Portland Rugby League chairman Raki Harding said with Ōtāngarei and Hikurangi playing in the Far North and Takahiwai in Auckland, only three or four clubs were left in Whangārei.
Switching to TRL was driven in the first instance by a desire to play league.
"We can't have a four-team comp ... I wanted our senior team to have an opportunity to play, but I also like the way they [TRL] organise themselves. All comp decisions are made by the club representatives and it's a majority decision. So when teams don't get their way they still support the decision."
Meanwhile, the Ōtāngarei Knights are about to kick off their second season in TRL.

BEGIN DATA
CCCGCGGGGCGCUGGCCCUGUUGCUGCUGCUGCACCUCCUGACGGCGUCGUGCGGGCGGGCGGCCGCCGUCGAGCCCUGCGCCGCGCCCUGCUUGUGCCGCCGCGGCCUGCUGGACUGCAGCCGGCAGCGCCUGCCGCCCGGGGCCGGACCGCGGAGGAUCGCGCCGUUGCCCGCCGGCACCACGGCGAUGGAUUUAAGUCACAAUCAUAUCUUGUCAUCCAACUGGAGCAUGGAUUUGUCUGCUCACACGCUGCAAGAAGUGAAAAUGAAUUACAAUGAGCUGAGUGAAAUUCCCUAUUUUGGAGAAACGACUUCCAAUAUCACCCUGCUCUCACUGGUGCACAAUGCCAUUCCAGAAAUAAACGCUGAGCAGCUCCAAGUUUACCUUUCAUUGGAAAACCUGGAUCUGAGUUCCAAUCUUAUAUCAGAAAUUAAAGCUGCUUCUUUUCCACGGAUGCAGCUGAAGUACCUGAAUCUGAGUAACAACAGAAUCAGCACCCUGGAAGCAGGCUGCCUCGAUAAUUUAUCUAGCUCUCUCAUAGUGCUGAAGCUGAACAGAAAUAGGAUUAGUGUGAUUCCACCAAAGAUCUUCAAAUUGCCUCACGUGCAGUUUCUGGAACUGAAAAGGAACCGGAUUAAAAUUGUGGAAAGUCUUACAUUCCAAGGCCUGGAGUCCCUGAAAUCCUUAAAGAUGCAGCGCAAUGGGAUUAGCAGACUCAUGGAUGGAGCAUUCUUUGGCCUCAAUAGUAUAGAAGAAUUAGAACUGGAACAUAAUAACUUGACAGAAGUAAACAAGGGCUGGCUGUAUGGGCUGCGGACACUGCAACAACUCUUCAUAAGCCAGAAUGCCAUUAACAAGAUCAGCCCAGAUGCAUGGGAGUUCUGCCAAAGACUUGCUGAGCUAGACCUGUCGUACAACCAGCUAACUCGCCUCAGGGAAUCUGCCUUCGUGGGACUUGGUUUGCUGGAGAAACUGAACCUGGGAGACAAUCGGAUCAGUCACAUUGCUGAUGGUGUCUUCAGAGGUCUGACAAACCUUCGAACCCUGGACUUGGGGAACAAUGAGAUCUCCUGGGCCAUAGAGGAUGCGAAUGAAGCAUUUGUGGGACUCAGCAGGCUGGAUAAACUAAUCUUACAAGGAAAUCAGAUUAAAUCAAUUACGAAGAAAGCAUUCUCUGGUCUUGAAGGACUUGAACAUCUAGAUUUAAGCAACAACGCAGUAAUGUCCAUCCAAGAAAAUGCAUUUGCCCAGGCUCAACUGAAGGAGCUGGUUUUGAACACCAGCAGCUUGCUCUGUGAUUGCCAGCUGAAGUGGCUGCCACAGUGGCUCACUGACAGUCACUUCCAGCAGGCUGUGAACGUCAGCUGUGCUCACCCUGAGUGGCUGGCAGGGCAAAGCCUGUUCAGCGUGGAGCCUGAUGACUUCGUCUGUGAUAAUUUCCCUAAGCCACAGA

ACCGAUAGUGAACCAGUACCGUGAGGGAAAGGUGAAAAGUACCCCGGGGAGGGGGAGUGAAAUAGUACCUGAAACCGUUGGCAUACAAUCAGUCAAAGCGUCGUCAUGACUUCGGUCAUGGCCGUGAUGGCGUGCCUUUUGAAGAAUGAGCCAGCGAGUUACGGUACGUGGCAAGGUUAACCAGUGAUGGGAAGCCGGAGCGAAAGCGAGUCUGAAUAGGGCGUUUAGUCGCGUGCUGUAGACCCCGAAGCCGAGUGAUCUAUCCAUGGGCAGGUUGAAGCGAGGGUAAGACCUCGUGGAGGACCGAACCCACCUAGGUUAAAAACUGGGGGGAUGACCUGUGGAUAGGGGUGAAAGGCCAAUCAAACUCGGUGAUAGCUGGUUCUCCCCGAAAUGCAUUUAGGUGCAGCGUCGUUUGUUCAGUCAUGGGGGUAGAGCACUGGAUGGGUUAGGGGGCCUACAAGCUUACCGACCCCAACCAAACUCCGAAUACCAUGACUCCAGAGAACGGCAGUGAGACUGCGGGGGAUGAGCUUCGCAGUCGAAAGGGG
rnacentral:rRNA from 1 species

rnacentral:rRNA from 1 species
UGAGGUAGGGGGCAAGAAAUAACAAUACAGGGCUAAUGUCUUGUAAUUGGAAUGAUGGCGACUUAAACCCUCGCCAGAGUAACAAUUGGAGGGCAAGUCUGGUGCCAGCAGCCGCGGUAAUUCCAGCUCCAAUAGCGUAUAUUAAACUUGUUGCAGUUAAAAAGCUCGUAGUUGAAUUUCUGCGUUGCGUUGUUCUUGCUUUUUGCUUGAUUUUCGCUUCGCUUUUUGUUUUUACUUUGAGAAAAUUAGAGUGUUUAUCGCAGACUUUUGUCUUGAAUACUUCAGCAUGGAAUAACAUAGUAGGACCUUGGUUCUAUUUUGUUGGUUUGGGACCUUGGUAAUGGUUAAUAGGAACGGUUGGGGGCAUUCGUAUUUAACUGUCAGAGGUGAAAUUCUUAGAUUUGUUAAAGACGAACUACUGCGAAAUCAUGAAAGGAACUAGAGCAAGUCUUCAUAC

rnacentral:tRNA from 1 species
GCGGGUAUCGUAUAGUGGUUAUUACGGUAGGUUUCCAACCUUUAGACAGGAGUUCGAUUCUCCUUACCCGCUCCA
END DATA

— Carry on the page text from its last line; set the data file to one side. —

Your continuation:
They surprised everyone except their own fans when they were declared last season's joint winners with the Waipapakauri Bombers, after the grand final was called off due to Covid.
Captain Daley Johnson said the main reason the team left RLN in 2021 was the lack of competition.
"We were playing the same teams every few weeks. We wanted to challenge ourselves and play teams up north. Another reason is most of our boys have ties up there, in Hokianga and Kaitaia."
Johnson said the team enjoyed playing in TRL last season even if it meant a lot of travel.
That would be reduced this year with the first month's games all in Whangārei.
"We're looking forward to playing in front of our families and supporters. We have a big fan base," he said.
TRL chairman Dave Bristow co-founded TRL with Harawira in 2016.
"I was coaching Moerewa at the time. In our eyes RLN was only looking after some teams. I said to Hone, 'We'll run our own comp', and that's what we did. We started with six teams all in the Far North."
Since then Bristow had seen TRL grow to 10 teams, including his own Moerewa and clubs as far away as Portland.